Public Agencies May be Liable for Design Defects in “Construction Management at Risk” Contracts
September 2, 2015 – In a traditional “design-bid-build” public construction project, Massachusetts law holds that, by handing completed designs to a construction company, public agencies impliedly warrant that those plans are reliable.
Until now, it had been unclear whether this implied warranty also applied to “construction management at risk” projects, an alternative method for projects estimated at $5 million or more under G.L. c. 149A.
In Coghlin Electrical Contractors, Inc. v. Gilbane Building Company, the Supreme Judicial Court (SJC) ruled that, yes, contractors in public “construction management at risk” projects do benefit from the implied warranty. However, they have the burden of proving that their reliance on the defective plans was (1) reasonable and (2) in good faith.
Blurred Lines: Construction Management at Risk v. Design-Bid-Build
As the name spells out, in a “design-bid-build” project, the public agency hires an engineer or architect first, and can only then hire the contractor once the plans are completed. Thus, quite simply, the designer bears all design risk, the contractor all construction risk.
But under “construction management at risk,” the public agency may hire a construction company before the designer has completed its plans. The act states that the construction company “may” consult on the design at that point, and thus, noted the SJC, the contractor could influence the plans as they develop.
As the SJC recognized, this could cause a “blurring of the lines of responsibility” as to design risk that does not exist under the “design-bid-build” method.
Although the project owner remains responsible for designs under the SJC’s decision, the nature of the construction manager/owner relationship led the SJC to rule that the implied warranty was less absolute than in “design-bid-build.” The warranty will depend on case-specific details, such as the contractor’s level of participation in the design phase, and how much the contract delegates design responsibility to the contractor. If the contractor was greatly involved in the design, it will bear a heavier burden to show that its reliance was reasonable and in good faith.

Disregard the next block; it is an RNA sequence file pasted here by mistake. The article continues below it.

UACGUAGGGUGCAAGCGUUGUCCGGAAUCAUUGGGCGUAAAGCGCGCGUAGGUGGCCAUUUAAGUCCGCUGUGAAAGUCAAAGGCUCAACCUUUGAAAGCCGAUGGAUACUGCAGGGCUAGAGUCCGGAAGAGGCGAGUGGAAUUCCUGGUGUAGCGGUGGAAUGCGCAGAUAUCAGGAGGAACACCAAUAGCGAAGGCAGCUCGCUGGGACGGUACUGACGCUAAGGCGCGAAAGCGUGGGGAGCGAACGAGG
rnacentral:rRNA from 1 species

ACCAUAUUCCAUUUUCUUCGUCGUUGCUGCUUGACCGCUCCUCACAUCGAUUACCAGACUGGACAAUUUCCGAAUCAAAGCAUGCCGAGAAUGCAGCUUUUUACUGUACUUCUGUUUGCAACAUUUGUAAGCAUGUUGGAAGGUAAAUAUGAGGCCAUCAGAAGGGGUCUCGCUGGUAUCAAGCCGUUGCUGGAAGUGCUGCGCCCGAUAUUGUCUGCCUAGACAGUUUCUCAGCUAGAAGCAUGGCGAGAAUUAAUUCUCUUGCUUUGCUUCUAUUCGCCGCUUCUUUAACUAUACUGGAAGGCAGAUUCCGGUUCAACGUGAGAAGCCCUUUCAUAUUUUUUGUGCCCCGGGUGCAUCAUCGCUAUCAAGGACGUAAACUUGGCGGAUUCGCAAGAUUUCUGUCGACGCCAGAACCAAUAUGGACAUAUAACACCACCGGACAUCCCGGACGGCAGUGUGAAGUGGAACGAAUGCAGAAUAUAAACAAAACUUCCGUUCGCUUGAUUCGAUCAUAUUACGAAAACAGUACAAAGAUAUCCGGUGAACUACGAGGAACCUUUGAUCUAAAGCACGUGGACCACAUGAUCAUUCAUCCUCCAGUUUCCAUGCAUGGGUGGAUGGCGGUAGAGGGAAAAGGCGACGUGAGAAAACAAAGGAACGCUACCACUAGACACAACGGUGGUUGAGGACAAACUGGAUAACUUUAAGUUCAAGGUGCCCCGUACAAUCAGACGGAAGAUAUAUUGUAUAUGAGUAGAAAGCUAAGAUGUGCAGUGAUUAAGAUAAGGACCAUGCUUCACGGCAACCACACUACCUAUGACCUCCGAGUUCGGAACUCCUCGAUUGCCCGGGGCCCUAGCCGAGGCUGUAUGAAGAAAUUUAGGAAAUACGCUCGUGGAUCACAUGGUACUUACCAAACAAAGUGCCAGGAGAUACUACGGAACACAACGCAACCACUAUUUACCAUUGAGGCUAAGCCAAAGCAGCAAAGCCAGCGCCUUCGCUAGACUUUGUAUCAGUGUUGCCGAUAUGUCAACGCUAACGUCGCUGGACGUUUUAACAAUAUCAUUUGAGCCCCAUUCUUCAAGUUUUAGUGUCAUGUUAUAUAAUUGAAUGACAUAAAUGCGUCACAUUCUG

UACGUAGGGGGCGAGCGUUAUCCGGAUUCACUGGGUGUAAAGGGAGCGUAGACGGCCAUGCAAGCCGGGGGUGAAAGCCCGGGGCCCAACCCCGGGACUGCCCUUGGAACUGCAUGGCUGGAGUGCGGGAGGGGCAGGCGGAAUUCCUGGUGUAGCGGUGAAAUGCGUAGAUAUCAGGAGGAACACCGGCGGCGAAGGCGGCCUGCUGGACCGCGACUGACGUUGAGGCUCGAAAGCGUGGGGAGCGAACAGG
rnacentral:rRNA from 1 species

Why public owners should not shift responsibility for design risk back to the construction manager at risk
Public owners reviewing the SJC’s decision might be tempted to disclaim all implied warranties in the design to avoid Coghlin’s holding. Indeed, the SJC’s decision suggests such disclaimers are possible, and that courts should honor them. However, public owners should be cautious not to overreach in an attempt to shift responsibilities that it normally bears to construction managers.
First, doing so might drive away potential bidders, or cause bidders to seek a significant premium in exchange for the risk. Second, the owner remains in a better position to control design risks through its architect contract. Instead, owners should focus on clearly defining the responsibilities between itself, the designer, and the construction manager at risk to best take advantage of this innovative construction method.
The case is Coghlin Electrical Contractors, Inc. v. Gilbane Building Company (2015).
Photo Credit: Timothy Neesam
Posted In: Contracts